Kingdom of Hungary

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History of Hungary
Image:Flag of Hungary.svg
Ancient Hungary
Hungary before the Magyars
The Middle Ages
Kingdom of Hungary in the Middle Ages
Modern Times
Ottoman Hungary
Royal Hungary
18th and 19th century (up to early 1919)
Hungarian Soviet Republic
Between the Two World Wars
Communist Hungary
People's Republic of Hungary
Hungarian Revolution of 1956
Modern Hungary
Republic of Hungary
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The Kingdom of Hungary (Hungarian: Magyar Királyság, Latin: Regnum Hungariae, German: Königreich Ungarn, Slovak: Uhorské kráľovstvo, Polish: Królestwo Węgier, Croatian and Serbian: Kraljevina Ugarska or Краљевина Угарска, Romanian: Regatul Ungariei) is the name of a kingdom that existed in Central Europe de facto from 1000 to 1526; After that, the terms "Kingdom of Hungary" and "King of Hungary" survived only as part of the official title of the Habsburg Monarchy, being used until 1918 (until the formation of the independent Hungarian Democratic Republic). It arose in present-day western Hungary and subsequently spread to remaining present-day Hungary, to Transylvania (in present-day Romania), Slovakia, Carpatho-Ukraine, Vojvodina (in present-day Serbia) and other smaller nearby territories. It existed in personal union with the Kingdom of Croatia from 1102 until 1918 under the name Lands of the Crown of St. Stephen.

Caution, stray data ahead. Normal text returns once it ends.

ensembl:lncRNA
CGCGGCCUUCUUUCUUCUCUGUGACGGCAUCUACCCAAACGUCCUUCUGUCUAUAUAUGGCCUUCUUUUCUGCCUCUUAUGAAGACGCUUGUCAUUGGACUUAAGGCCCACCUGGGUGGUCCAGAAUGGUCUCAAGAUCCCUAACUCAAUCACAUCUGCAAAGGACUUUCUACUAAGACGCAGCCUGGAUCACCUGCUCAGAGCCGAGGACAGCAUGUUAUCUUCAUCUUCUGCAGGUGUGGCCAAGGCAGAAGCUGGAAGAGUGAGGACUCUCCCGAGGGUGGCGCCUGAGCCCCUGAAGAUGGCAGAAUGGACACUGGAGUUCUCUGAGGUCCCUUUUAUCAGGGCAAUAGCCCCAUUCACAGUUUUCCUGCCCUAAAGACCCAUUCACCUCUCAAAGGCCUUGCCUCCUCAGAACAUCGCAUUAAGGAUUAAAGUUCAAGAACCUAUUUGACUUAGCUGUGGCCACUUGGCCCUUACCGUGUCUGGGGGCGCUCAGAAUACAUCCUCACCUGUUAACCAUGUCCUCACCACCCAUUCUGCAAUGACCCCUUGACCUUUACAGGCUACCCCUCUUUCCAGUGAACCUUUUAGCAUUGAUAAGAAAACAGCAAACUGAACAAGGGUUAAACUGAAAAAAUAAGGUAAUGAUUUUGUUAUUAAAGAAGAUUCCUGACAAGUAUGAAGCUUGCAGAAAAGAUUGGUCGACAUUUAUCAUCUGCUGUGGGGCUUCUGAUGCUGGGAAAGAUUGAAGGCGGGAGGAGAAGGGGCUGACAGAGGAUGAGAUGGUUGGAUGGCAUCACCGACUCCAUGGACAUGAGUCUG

[edit] Overview

The term "Kingdom of Hungary" is often used to denote this long-lasting multiethnic configuration of territories in order to draw a clear distinction with the modern Hungarian state, which is significantly smaller and more ethnically homogeneous. Prior to and in the 19th century, the term Hungarian in English and other languages often referred to any inhabitant of this state, regardless of his or her ethnicity.

The Latin terms "natio Hungarica" and "Hungarus" referred to all noblemen of the kingdom. A Hungarus-consciousness (loyalty and patriotism above ethnic origins) existed among any inhabitant of this state, however according to István Werbőczy's Tripartitum Natio Hungarica or Hungarus were only the privileged noblemen, subjects of the Holy Crown regardless of ethnicity.

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Slovak History
Samo's Empire
Principality of Nitra
Great Moravia
Kingdom of Hungary
Royal Hungary
History of Czechoslovakia
Slovaks in Czechoslovakia (1918-1938)
WWII Slovak Republic (1939-1945)
Slovak National Uprising (1944)
Slovaks in Czechoslovakia (1960-1990)
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[edit] History of the Kingdom of Hungary

This article focuses on the Kingdom of Hungary as a political entity, for other details, see:

The first kings of the Kingdom were from the Árpád dynasty. In the early 14th century, this dynasty was replaced by the Angevins, and later the Jagiellonians as well as several non-dynastic rulers, notably Sigismund Luxemburg and Matthias Corvinus.